Article Images: [+] show captions
|Fig. 1 Structure and function of the COP1 complex. a COPI consists of a scaffold “B-subcomplex” (blue) and an adaptor “F-subcomplex” (green). When GTP-bound, two ARF1 small GTPase molecules associate with the membrane and bind COPI via the β-COP and γ-COP subunits. A number of subunits of this complex have been implicated in human disease as shown. b COPI complexes and their ARF1 molecules associate into triads. Cargo, such as ER-resident proteins which need to be returned from the Golgi, are selected by binding directly with COPI subunits or indirectly through transmembrane receptors which in turn bind with COPI. COPI polymerises on the membrane enabling its deformation/curvature, and eventually budding and scission of the transport vesicle. When released, the vesicle’s coat is shed and ARF1 and COPI dissociate. Adapted from Nickel et al. |
|Fig. 2 Pedigrees and clinical presentation of individuals with COPB1 mutations. a Family 1 includes two affected individuals IV2 and IV3. Individuals IV5, IV6 and IV7 are also suspected to have been affected with microcephaly and developmental delay. They died in early childhood and no further details were available. IV2 and IV3 have minor dysmorphism with up-slanting palpebral fissures. b Family 2 includes four affected individuals from two nuclear families all from the same Saudi tribe. c Gel electrophoresis of RT PCR amplicons in Family 1 demonstrates 2 bands in the homozygous state (IV2, an affected individual) and in the heterozygous state (III1, an unaffected parent). d Electropherograms of band A and band B from the heterozygous parent and homozygous proband. In the proband’s trace, a G has effectively been deleted due to the creation of a new donor site by the G>T mutation. In band B, Exon 8 has been skipped (proband and parent)|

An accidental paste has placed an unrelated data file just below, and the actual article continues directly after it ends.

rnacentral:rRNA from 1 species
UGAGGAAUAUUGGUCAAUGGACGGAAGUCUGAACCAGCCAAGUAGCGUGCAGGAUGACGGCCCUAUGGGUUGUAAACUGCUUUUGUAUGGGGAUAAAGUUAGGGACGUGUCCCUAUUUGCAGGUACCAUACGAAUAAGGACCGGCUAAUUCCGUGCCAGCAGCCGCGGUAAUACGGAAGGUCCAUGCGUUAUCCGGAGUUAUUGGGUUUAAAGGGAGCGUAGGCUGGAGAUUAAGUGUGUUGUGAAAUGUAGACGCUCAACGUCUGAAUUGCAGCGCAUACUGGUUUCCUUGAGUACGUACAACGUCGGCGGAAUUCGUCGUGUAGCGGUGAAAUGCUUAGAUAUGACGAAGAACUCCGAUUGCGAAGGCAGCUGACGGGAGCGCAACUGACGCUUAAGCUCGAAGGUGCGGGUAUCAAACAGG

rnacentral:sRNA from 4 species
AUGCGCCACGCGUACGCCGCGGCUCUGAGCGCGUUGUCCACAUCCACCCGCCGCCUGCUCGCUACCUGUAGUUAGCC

|Fig. 3 Structure and conservation of COPB1 protein, and structural effect of missense variants. a Simple schematic diagram of COPB1 (β-COP) structure showing two main structural domains; trunk domain and appendage domain, and relative location of the c.957+1G>T and p.Phe551Val variants located towards the N terminal of the trunk domain. b COPB1 (β-COP) structure with the location of the 12 amino acids (in red) which are deleted due to exon 8 skipping caused by c957+1G>T. c COPB1 (β-COP) structure in context of COPI complex. Note exon 8 (red) makes up an important link between the scaffold and adaptor subcomplexes. d Alignment of COPB1 amino acid sequence from H. sapiens to yeast showing very high conservation of Phe551 across all species tested. e 3D structural modelling of COPB1 in complex with COPB2 and COPG1 showing the location of Phe551 near the site of interaction with COPG1. f Higher resolution image showing the location of Phe551Val mutation in a turn in the trunk domain|